She took off in the opposite direction.
Katie never lost her puppy face, and continued to delight, amuse and confound us with her puppy-like antics. She considered it her mission in life to kill the squeak in any noisy dog toys, her favorite a hedgehog toy. She’d bring one up to you and want to play fetch or tug-of-war.
Until the last year or two, the only hint of Katie’s age was a bit of gray around her muzzle. Then her eyes got cloudy, and she lost most of her hearing. She used to be waiting at the door when anyone ever arrived at the house, but in the last year, we often had to go looking for her, and she could usually be found curled up on her bed in my father’s office.
It became harder for her to lie down and get up, as she began having pain in her hips. The vet gave my parents pain medication for Katie, but in the last few weeks she began having some really bad spells, including one that required her to get an IV to prevent dehydration. We didn’t like to see her in so much pain and knew a hard decision would have to be made.
Last Thursday, I brought my son to my parents’ house so he could say good-bye. Katie was not having a good day. She was barely eating, ignored the treat my son offered her, and kept pacing around, exhausted because it was so hard for her to lie down. Animals may not be able to clearly verbalize their pain, but I could see it in her eyes. Watching her slow, agonizing effort to lie down that night made my heart ache. My son’s last glimpse of Katie came as we were backing out of the driveway when mom let her outside. From a distance, she still looked like a playful puppy.
When a beloved pet ages, you try to ready yourself for the loss and the need to make that hard decision that will end their suffering. While you can try to get ready mentally, there is no preparing your heart.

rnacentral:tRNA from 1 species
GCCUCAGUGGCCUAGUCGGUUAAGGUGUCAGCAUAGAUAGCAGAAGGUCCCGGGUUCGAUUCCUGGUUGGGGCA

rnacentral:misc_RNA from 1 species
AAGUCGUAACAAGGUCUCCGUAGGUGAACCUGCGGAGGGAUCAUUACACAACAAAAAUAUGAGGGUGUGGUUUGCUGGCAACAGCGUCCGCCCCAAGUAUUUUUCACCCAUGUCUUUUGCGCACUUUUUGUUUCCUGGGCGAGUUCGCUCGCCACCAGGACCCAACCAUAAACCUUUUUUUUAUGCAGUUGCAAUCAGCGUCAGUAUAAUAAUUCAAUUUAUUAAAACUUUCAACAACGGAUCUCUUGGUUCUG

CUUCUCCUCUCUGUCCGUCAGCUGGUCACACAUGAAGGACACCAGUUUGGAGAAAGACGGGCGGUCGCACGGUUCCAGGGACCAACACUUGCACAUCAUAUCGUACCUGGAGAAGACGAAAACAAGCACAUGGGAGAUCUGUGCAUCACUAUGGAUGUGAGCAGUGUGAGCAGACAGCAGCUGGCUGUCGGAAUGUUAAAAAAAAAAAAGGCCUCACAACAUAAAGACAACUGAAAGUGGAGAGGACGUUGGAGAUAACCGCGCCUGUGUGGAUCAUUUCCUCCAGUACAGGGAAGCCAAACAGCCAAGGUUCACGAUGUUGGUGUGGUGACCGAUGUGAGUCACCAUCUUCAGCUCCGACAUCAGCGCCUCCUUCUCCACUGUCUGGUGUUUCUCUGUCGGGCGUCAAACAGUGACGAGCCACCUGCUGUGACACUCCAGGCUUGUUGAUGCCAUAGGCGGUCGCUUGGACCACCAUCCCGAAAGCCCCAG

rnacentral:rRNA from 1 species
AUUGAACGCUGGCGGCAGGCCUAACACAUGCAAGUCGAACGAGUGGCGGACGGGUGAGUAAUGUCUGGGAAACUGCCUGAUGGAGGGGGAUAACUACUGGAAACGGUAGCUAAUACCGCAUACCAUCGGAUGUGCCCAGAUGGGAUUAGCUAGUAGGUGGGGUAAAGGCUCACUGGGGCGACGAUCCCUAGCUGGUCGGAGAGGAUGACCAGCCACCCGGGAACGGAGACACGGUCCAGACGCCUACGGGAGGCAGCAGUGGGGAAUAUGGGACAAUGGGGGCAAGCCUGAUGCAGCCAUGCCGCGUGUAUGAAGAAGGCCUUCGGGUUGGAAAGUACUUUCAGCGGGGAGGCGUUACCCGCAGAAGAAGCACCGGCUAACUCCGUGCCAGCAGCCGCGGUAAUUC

Last Saturday, I got up early and drove to my parents’ house with the sun rising behind me, and the moon dropping to the horizon ahead of me. There were patches of fog, and the trees were covered in crystal-like frost.
When I arrived, Katie was having a good day. I think it was because she was happy to see my father, who was home from Ohio for the weekend. During the trip to her final veterinary appointment, my parents and I only talked about how lovely it looked outside, and how thick the fog was in patches. I was with Katie in the back seat, where she rested her back end against the seat as she licked the seats, the console and my hands.
We stayed with Katie, stroking her fur as the vet administered first a sedative, and then a final shot. I know that this decision was the right one, having seen the pain in Katie’s eyes lately, but it was so incredibly hard to lose her. Her suffering is over, but we will bear the pain of her absence for a long time. It will ease in time, helped by 14 years worth of memories — the good, the amusing, the frustrating and the sad.
My parents’ house seems so empty without our beloved black mutt wagging her goofy-looking tail, laying her head in our laps, and blatantly begging for treats. You could not have asked for a more loving or loyal dog than Katie. When we get her ashes back, they will be brought to the farm she loved to roam.
For a dog I didn’t want, I failed at trying not to like her. Good pets become members of the family, and Katie will always be in our hearts.